Jim made an interesting comment about the song Incense and Myrrh during the Brian Slagel interviews, “it was the perfect coda to the whole thing.” And this song was different from the rest in that it’s not one of Jim’s compositions, it’s your composition that you brought in later in the process. Did you write it specifically for this album or was it something you were already working on before Jim contacted you about doing an album together?

It’s something that I had been working on for the longest time. It seems like when I’m working by myself, I get so far but I can’t seem to finish. When Jim gets involved it helps me, because he helps with the arranging and he has an objective ear. When we work together that’s when things start to happen. So this is a song that I had been working on an acoustic guitar just on and off, and I had it kind of sitting in a closet. Originally the album was going to end before Incense and Myrrh, but I really felt strongly that the album wasn’t long enough. And I told Jim that I wasn’t quite done lyrically and wanted to tie all the meanings together. So I sat down with Jim and played what I had for him on the acoustic, which was about 99% of the song, and we worked on it together and it became the final song on the album. I think it tied the whole album together and time-wise it was much better.

It does exactly that, it really ties the whole thing together. It’s a great song. I noticed a lot of positive comments about it on youtube and other sites. I don’t know if you saw any of the comments.

I have. And it’s a huge compliment to me. First of all it came from a personal place. It came from a difficult time. And to try to describe something that you really can’t put into words, somehow you put it to music and you find something that’s abstract and you bring it to life somehow. That’s how it turned out for me.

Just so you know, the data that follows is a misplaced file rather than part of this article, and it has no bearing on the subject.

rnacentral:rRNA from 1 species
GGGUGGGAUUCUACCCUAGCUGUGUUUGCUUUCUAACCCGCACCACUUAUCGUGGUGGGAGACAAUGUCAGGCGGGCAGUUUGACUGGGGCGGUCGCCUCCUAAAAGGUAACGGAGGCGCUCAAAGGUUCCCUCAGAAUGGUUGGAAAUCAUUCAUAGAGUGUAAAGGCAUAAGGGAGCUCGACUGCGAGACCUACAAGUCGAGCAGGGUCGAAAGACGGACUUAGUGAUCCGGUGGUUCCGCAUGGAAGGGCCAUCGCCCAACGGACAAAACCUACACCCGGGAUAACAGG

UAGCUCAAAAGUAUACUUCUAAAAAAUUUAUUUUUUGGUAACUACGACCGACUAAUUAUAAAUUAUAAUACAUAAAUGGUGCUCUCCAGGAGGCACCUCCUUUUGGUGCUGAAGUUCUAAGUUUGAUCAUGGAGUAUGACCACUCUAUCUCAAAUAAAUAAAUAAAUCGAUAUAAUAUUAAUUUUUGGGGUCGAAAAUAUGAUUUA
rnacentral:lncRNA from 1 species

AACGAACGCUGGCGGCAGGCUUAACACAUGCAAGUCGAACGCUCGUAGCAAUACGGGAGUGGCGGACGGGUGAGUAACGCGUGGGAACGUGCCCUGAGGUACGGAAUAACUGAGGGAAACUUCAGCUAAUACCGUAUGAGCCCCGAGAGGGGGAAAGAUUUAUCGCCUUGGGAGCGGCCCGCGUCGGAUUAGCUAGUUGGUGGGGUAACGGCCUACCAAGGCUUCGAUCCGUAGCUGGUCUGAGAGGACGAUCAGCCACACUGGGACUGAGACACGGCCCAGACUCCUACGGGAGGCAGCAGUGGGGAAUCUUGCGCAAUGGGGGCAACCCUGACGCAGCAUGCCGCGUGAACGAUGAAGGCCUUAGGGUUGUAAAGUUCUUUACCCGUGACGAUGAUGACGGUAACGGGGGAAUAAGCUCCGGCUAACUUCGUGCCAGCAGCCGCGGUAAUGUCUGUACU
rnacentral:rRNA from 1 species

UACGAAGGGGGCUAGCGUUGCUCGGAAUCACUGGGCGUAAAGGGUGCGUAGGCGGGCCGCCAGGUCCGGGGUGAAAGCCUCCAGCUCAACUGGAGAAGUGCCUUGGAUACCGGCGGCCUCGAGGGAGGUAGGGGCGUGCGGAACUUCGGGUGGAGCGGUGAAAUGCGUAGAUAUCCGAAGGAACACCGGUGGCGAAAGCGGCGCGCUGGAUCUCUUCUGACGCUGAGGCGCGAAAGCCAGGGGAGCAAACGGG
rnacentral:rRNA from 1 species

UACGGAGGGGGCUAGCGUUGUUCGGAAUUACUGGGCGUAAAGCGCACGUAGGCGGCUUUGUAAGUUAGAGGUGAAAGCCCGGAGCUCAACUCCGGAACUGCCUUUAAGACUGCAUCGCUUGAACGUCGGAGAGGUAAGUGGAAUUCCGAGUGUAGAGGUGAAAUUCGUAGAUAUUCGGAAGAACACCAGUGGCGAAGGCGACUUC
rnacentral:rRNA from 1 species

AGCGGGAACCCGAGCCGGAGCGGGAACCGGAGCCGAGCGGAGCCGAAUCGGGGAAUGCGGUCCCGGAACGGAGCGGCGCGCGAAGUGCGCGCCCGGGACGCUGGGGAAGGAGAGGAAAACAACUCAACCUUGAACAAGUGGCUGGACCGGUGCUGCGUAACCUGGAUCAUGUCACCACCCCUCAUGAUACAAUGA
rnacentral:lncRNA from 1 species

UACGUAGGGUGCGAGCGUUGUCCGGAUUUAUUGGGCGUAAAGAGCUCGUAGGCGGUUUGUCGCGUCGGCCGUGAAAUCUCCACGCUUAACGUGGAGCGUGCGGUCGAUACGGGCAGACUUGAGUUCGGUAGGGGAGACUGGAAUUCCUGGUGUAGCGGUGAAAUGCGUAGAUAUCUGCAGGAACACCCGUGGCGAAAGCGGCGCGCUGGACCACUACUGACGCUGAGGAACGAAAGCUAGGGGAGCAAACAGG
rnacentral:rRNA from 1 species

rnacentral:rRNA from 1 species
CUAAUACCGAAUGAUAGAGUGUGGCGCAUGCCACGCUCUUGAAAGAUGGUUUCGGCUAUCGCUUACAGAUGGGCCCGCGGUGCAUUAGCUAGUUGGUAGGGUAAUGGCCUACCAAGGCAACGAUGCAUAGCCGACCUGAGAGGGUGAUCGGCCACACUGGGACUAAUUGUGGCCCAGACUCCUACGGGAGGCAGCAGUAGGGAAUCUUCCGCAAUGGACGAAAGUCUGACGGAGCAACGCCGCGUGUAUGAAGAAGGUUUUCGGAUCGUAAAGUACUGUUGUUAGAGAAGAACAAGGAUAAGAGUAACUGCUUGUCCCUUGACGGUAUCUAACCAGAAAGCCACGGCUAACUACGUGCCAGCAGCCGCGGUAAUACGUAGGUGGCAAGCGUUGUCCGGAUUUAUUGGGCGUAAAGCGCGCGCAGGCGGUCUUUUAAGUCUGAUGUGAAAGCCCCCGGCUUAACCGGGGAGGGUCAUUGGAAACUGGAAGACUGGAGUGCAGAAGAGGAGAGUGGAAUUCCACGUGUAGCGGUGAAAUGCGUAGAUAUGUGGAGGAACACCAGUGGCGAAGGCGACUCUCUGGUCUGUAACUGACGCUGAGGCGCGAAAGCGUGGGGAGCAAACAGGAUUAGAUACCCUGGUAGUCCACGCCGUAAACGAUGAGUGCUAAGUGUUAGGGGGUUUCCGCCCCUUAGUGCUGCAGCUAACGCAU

Did you enjoy the process of making the video for Midnight Serenade? You looked very natural and just so into it, all of you did. And the comment you made earlier about the cohesiveness within the group, it really showed in the video.

I did enjoy it. It seems like when I’m involved with something it’s hard for me to enjoy something while I’m in the midst of it, because I’m a Type A personality, I get very nervous and uptight. In the moment it’s hard for me to enjoy it. But after it’s all said and done, and you see the results were good, then I’m happy about it. Yes, after the fact looking back I did enjoy it. It was a pretty cool experience, it was the first time I’m ever done a video. I’m glad I actually sang, full blast, because it gives a much better feel then trying to lip synch. All of them are great guys, they’re so relaxed. I have a lot to learn from them. It was a fun experience, I would definitely do it again.

Can you share a quick story or comment about each of the members of the group?

Sure. You just don’t find any better people. They’re just a pleasure to be around.

Frank. We saw each other at shows and stuff every now and then but this is the first time we’ve worked together since Awaken The Guardian, and we had a different relationship back then. But he’s a very cool guy. Before we left the parking lot after shooting the video he had some very kind words for me and I really appreciated what he said to me.

Jim. He’s a very smart guy. He’s a very talented guy. He seems to always have it together. I have a lot of respect for Jim. He’s been doing this music for so long and he’s just so talented. He’s been a great help to me as a friend.

Bobby. Another down to earth sort of guy. He’s a professional. When he came into the studio he had everything written out on score paper. He was so prepared. I really like what he did. I think there’s a mutual respect there.

Joey. A fantastic guy. I went out to L.A. with Jim to do some press and he was such a cordial guy. I met his family and sat pool-side with him at his house. He was so hospitable.

You have many recurring themes and metaphors in your lyrics. What is the significance of Queens of the May to you?

“Forever and a day, Queens of the May beckon you to dream your life away.” Queens of the May represent our care free youth unbridled by the constraints of time and boundaries and like sirens from some distant shore lure us back to a time when ignorance was such bliss.